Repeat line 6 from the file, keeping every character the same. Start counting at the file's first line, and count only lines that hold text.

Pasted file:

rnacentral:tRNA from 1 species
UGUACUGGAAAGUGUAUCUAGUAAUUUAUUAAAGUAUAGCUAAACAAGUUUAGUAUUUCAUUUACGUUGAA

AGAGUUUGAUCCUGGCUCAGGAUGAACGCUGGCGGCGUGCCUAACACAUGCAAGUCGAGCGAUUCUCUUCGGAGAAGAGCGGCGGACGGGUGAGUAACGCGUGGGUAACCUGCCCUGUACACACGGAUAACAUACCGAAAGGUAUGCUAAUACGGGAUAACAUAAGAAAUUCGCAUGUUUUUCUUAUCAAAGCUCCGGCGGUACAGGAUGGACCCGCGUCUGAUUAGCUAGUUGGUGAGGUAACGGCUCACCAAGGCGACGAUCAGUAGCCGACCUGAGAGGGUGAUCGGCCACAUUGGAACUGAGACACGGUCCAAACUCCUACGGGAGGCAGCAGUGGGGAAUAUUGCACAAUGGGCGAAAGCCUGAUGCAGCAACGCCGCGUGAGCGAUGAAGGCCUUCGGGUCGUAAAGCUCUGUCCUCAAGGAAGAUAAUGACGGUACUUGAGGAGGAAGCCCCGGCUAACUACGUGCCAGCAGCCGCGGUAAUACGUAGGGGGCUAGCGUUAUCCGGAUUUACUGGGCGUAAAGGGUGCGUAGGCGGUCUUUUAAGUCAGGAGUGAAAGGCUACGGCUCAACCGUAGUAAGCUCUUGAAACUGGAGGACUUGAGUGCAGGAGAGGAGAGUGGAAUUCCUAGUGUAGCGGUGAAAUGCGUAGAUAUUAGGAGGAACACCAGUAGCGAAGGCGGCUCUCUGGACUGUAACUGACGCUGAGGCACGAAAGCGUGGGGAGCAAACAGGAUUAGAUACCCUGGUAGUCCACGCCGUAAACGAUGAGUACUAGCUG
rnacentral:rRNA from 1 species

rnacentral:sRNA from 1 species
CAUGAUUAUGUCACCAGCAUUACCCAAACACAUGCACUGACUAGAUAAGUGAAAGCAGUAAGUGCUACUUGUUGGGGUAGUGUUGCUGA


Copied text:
CAUGAUUAUGUCACCAGCAUUACCCAAACACAUGCACUGACUAGAUAAGUGAAAGCAGUAAGUGCUACUUGUUGGGGUAGUGUUGCUGA